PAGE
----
Defending the Future of Crypto

16 Aug 2021
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Regulation, regulation, regulation. Hardly a day goes by in the cryptosphere without hearing the word. The US Senate just passed a $1.2 trillion Infrastructure Bill to refurbish much of the nation’s roadways, ports and bridges, as well as make provisions for and circumvent many of the negative effects of climate change. So how does crypto enter into this? Well, the funds for infrastructure need to come from somewhere, and it seems that tighter regulation of crypto is part of the equation…

The Cost of Living

In recent years, humanity has prospered as a result of technological innovation and the streamlining of processes that make life more convenient, safe and comfortable. We’ve managed to spread across the length and breadth of the planet in a matter of decades, conquered innumerable diseases and created an intricate and ever-evolving network of information, businesses and services. As a species, we really are at the top of our game: apex predators with no other species to rival us.

Progress comes at a cost though, and with the way we’ve built our societies and our economy, the price has been tremendous. In a Bloomberg article by Sydney Maki, as of February 2021, total world debt stands at about $281 trillion, and you can be sure this figure has risen since then. Imagine you had 281 million briefcases, each containing $1 million. That’s what $281 trillion looks like. You could also think of it as every single person living in the US receiving about $930,000 each. Yikes!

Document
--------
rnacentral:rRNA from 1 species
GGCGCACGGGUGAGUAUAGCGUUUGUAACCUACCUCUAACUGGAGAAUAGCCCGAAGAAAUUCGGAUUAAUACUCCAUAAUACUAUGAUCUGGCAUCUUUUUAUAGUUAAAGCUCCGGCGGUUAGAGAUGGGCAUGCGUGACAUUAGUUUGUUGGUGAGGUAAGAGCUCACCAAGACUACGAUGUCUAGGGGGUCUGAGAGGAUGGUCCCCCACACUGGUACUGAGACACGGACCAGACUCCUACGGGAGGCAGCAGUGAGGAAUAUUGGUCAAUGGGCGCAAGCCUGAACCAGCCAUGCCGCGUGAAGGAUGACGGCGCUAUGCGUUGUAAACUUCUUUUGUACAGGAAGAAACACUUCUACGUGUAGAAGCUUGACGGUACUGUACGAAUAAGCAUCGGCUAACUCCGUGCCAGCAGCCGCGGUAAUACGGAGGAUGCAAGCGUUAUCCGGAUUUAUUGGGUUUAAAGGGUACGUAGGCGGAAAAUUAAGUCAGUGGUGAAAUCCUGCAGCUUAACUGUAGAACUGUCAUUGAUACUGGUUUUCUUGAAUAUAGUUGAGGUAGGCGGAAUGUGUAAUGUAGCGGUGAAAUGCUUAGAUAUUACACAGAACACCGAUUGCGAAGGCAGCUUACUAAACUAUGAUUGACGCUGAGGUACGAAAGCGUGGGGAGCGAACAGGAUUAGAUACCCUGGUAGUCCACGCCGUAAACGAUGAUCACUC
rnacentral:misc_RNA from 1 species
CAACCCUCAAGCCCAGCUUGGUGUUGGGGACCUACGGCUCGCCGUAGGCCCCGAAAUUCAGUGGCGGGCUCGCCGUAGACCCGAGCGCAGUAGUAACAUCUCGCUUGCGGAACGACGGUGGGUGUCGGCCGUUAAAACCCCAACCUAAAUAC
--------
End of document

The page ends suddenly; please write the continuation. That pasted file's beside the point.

Modern economics is something of an absurdity: rampant debt, money printing, skyrocketing consumer prices, ballooning inflation, the destruction of livelihoods…need I go on? Oh yeah, Coronavirus hasn’t made things easier either, but that’s hardly news now, is it? The cost of living has risen considerably over time, and the main driver behind this is inflation. In a 2016 Economicshelp.org article by Tejvan Pettinger, most Central Banks believe that a moderate inflation rate is conducive to healthy economic growth. This also depends on the growth of incomes outpacing inflation as well as several other factors.

The 2019 Financial Disruptions Survey conducted by TD Ameritrade indicates that Millennials in the US believe the increased cost of living is the biggest threat to their financial wellbeing. Meanwhile, Boomers and Generation X are becoming increasingly concerned about the cost of healthcare (which is already alarmingly high in the US). Keep in mind that all of this occurred a little while before the Coronavirus pandemic, so in all likelihood, the concerns of adults in the US (and across the world) have only multiplied.

Rising Government Expenditure

Given how things have been going over the past couple of decades, it should come as no surprize that US Goverment spending has risen over time. In fact, expenditure hit an all-time high in the first Quarter of 2021. Take a look at this chart courtesy of Trading Economics :